diamond geezer

 Thursday, June 05, 2014

London's least used stations
No 6:
Morden South


Morden, at the southern tip of the Northern line, definitely isn't one of London's least used stations. Seven million passengers pass through annually, which is above average as busy-ness on the tube goes. But just down the main road, barely half a mile distant, is a station that manages only about 1% of that total. It's Morden South, on the Sutton Loop, and only five railway stations in the capital are used less.

The Sutton Loop is part of south London's swirl of rail lines, the tangled knot that makes the tube map look like child's play. It runs from Streatham round to Streatham, via Wimbledon and (not surprisingly) Sutton. It's where Thameslink trains from Bedford and St Albans have traditionally headed, if they weren't going to Brighton, not that this seems to help passenger numbers much. First Capital Connect admitted last year that "more than 16,000 journeys are made on the loop each weekday", which isn't an especially big total when there are ten stations along the way. The quieter half of the loop is the section from Wimbledon to Sutton, also known as the St Helier line, served only by trains going round and back again. And Morden South is the second station down.



It's a fairly standard suburban station, architecturally, if minimally outfitted. A large metal canopy covers one end of the island platform, while the rest is open to the sky. Underneath the canopy are a handful of vandalproof seats, probably more than enough to cope with the daily rush, half of which are semi-sheltered in case the rain comes in horizontally. A couple of plastic bags dangle from the pillars, collecting precisely as little litter as you might expect from a station like this. There's a help point button in case you get lonely, and a couple of enamelled colour maps which show that trains from both platforms go to Blackfriars. The only thing that changes is the next train indicator, so you can always watch that for up to 29 minutes if you've timed your arrival wrong.

But step beyond the overhang and you might see things a bit differently. The platforms are unusually far apart, and the gap between has been grassed over to create a broad swathe of lawn. This stretches some way into the distance, I make it seven lampposts worth, and is currently replete with daisies should you fancy a picnic. That's not recommended, by the way. And look across the hedge to see the largest mosque in Western Europe, that's Baitul Futuh, its highest minaret rearing up 36m into the sky. Technically it's the largest mosque complex in Western Europe, and was constructed a decade ago out of an Express dairy, but it's an impressive structure nonetheless. All those worshippers nextdoor, and yet so few ever seem to arrive via Morden South.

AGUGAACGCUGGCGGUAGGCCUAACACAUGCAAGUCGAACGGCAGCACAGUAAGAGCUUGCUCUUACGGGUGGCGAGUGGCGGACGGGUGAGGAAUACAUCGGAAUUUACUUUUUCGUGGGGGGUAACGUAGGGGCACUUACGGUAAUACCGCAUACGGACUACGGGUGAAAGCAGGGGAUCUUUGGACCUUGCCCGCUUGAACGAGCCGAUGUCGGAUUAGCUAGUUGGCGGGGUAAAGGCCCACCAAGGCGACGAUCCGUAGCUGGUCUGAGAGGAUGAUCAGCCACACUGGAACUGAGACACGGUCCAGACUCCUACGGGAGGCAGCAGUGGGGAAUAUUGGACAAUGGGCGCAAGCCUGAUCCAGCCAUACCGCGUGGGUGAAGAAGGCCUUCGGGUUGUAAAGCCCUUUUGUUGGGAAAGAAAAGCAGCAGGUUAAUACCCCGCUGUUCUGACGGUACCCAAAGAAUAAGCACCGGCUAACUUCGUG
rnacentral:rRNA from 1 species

The station has no actual buildings, just a set of steps that descends between the tracks to exit at ground level. Someone's written MORDEN SOUTH halfway down the stairs in a font that doesn't look quite right, part of a station "renovation" sometime back which involved slapping a vinyl covering over whatever brickwork and plaster previously showed. A "Meeting Point" has been provided, not that I imagine it gets used much, while a helpful sign reveals that "all trains from Morden South towards London in the morning peak have seats available." No member of FCC staff wastes their time here, they've long been replaced by a ticket machine and a CCTV camera. It's all terribly underwhelming, to be honest, but then maybe it's meant to be.



The main road outside Morden South is the A24, and there are houses just to the left giving the illusion that this is a busy spot. But there aren't many houses in the neighbourhood, and you only have to go a short distance before St Helier station (one down the line) is nearer. Across the road is a large greenspace which looks like it might be popular, but no, Morden Sports Ground is fenced off and inaccessible via any direct route. And immediately beyond the mosque, blocking access from the east, a considerable amount of land is taken up by the one thing that sucked all the life out of this poor station - the Morden Northern line depot.